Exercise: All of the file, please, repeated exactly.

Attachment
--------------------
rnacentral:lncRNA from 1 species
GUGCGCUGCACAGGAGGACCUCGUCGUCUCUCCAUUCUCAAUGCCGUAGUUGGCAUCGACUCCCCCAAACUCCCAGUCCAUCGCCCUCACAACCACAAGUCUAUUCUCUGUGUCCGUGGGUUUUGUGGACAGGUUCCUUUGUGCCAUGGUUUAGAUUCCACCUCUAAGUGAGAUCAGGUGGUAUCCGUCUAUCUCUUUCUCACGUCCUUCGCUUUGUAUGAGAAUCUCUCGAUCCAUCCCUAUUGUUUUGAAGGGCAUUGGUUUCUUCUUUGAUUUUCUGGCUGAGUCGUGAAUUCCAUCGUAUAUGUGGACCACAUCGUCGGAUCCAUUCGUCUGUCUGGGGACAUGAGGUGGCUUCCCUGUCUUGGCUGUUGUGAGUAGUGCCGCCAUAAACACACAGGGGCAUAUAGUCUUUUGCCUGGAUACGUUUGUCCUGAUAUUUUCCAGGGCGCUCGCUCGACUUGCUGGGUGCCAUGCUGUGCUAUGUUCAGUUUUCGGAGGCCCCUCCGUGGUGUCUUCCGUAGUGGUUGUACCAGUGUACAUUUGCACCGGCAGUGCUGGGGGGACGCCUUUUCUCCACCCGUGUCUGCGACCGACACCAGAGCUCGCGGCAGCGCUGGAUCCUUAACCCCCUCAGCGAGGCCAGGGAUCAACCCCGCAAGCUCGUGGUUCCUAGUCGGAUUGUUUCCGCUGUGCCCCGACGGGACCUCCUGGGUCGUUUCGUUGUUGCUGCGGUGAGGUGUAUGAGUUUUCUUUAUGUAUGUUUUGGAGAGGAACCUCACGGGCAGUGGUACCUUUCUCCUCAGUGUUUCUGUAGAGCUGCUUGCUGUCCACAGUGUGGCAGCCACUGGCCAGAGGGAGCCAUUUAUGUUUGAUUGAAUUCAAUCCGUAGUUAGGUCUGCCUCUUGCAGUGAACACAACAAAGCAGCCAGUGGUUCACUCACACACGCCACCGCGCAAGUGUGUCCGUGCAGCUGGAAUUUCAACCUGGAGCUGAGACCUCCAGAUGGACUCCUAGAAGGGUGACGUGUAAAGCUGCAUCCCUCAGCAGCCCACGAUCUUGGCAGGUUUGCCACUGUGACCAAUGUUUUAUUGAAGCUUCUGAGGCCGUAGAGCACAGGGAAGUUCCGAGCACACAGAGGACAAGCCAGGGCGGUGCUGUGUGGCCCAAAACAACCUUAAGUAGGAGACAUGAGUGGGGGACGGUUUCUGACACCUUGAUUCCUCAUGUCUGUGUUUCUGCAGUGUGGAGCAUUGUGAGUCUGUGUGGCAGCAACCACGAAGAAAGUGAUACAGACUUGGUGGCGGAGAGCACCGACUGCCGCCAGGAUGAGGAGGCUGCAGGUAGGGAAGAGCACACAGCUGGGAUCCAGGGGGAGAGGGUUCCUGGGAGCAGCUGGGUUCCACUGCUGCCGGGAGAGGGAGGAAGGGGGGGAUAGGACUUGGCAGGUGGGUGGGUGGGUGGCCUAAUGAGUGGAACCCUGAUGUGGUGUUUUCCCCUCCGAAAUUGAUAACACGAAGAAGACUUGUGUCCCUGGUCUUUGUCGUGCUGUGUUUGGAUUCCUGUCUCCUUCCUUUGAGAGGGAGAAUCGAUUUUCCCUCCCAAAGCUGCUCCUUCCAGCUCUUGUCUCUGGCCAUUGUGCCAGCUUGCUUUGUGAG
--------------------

rnacentral:lncRNA from 1 species
GUGCGCUGCACAGGAGGACCUCGUCGUCUCUCCAUUCUCAAUGCCGUAGUUGGCAUCGACUCCCCCAAACUCCCAGUCCAUCGCCCUCACAACCACAAGUCUAUUCUCUGUGUCCGUGGGUUUUGUGGACAGGUUCCUUUGUGCCAUGGUUUAGAUUCCACCUCUAAGUGAGAUCAGGUGGUAUCCGUCUAUCUCUUUCUCACGUCCUUCGCUUUGUAUGAGAAUCUCUCGAUCCAUCCCUAUUGUUUUGAAGGGCAUUGGUUUCUUCUUUGAUUUUCUGGCUGAGUCGUGAAUUCCAUCGUAUAUGUGGACCACAUCGUCGGAUCCAUUCGUCUGUCUGGGGACAUGAGGUGGCUUCCCUGUCUUGGCUGUUGUGAGUAGUGCCGCCAUAAACACACAGGGGCAUAUAGUCUUUUGCCUGGAUACGUUUGUCCUGAUAUUUUCCAGGGCGCUCGCUCGACUUGCUGGGUGCCAUGCUGUGCUAUGUUCAGUUUUCGGAGGCCCCUCCGUGGUGUCUUCCGUAGUGGUUGUACCAGUGUACAUUUGCACCGGCAGUGCUGGGGGGACGCCUUUUCUCCACCCGUGUCUGCGACCGACACCAGAGCUCGCGGCAGCGCUGGAUCCUUAACCCCCUCAGCGAGGCCAGGGAUCAACCCCGCAAGCUCGUGGUUCCUAGUCGGAUUGUUUCCGCUGUGCCCCGACGGGACCUCCUGGGUCGUUUCGUUGUUGCUGCGGUGAGGUGUAUGAGUUUUCUUUAUGUAUGUUUUGGAGAGGAACCUCACGGGCAGUGGUACCUUUCUCCUCAGUGUUUCUGUAGAGCUGCUUGCUGUCCACAGUGUGGCAGCCACUGGCCAGAGGGAGCCAUUUAUGUUUGAUUGAAUUCAAUCCGUAGUUAGGUCUGCCUCUUGCAGUGAACACAACAAAGCAGCCAGUGGUUCACUCACACACGCCACCGCGCAAGUGUGUCCGUGCAGCUGGAAUUUCAACCUGGAGCUGAGACCUCCAGAUGGACUCCUAGAAGGGUGACGUGUAAAGCUGCAUCCCUCAGCAGCCCACGAUCUUGGCAGGUUUGCCACUGUGACCAAUGUUUUAUUGAAGCUUCUGAGGCCGUAGAGCACAGGGAAGUUCCGAGCACACAGAGGACAAGCCAGGGCGGUGCUGUGUGGCCCAAAACAACCUUAAGUAGGAGACAUGAGUGGGGGACGGUUUCUGACACCUUGAUUCCUCAUGUCUGUGUUUCUGCAGUGUGGAGCAUUGUGAGUCUGUGUGGCAGCAACCACGAAGAAAGUGAUACAGACUUGGUGGCGGAGAGCACCGACUGCCGCCAGGAUGAGGAGGCUGCAGGUAGGGAAGAGCACACAGCUGGGAUCCAGGGGGAGAGGGUUCCUGGGAGCAGCUGGGUUCCACUGCUGCCGGGAGAGGGAGGAAGGGGGGGAUAGGACUUGGCAGGUGGGUGGGUGGGUGGCCUAAUGAGUGGAACCCUGAUGUGGUGUUUUCCCCUCCGAAAUUGAUAACACGAAGAAGACUUGUGUCCCUGGUCUUUGUCGUGCUGUGUUUGGAUUCCUGUCUCCUUCCUUUGAGAGGGAGAAUCGAUUUUCCCUCCCAAAGCUGCUCCUUCCAGCUCUUGUCUCUGGCCAUUGUGCCAGCUUGCUUUGUGAG